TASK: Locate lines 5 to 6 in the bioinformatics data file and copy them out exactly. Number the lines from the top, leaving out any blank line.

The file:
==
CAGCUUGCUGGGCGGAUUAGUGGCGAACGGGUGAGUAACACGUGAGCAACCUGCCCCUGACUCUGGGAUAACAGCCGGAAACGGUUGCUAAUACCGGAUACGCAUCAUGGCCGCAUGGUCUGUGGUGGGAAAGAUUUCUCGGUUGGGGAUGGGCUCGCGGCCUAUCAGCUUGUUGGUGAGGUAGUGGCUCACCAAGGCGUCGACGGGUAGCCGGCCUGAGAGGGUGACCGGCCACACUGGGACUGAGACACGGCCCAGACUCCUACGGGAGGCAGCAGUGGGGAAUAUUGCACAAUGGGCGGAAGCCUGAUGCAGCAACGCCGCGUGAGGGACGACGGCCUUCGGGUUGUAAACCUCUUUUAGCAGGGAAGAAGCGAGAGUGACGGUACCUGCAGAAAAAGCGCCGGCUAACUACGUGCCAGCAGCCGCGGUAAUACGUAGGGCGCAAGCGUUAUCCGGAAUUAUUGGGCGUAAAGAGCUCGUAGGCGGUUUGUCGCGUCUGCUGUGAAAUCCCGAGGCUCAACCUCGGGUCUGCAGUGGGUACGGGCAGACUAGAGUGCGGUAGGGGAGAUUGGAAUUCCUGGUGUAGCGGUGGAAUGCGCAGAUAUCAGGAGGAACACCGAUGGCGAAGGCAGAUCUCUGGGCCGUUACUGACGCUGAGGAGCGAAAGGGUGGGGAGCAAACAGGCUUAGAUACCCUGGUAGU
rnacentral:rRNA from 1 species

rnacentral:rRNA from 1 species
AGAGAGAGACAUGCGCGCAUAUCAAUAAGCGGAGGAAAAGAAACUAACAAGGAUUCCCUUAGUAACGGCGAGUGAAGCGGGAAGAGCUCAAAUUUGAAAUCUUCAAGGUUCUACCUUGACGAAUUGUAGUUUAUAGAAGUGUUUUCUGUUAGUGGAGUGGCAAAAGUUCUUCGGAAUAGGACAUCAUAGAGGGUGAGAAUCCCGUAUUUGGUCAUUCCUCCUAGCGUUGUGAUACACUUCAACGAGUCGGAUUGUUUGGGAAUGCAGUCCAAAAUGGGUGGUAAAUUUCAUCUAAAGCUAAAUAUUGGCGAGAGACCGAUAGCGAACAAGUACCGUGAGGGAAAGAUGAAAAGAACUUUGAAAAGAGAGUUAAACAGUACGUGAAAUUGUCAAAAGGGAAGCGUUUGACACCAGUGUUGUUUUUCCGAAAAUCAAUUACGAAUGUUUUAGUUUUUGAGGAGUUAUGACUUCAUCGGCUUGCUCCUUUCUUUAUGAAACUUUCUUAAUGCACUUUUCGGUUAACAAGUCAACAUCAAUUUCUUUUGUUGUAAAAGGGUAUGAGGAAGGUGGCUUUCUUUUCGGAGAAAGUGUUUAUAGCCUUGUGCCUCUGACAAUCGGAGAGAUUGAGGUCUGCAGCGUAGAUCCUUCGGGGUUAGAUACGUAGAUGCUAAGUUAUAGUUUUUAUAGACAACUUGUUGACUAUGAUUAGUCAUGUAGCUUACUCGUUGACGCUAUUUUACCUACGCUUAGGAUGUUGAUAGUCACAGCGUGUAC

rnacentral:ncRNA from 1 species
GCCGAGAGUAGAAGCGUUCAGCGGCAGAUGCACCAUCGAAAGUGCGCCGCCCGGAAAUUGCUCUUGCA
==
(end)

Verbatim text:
rnacentral:ncRNA from 1 species
GCCGAGAGUAGAAGCGUUCAGCGGCAGAUGCACCAUCGAAAGUGCGCCGCCCGGAAAUUGCUCUUGCA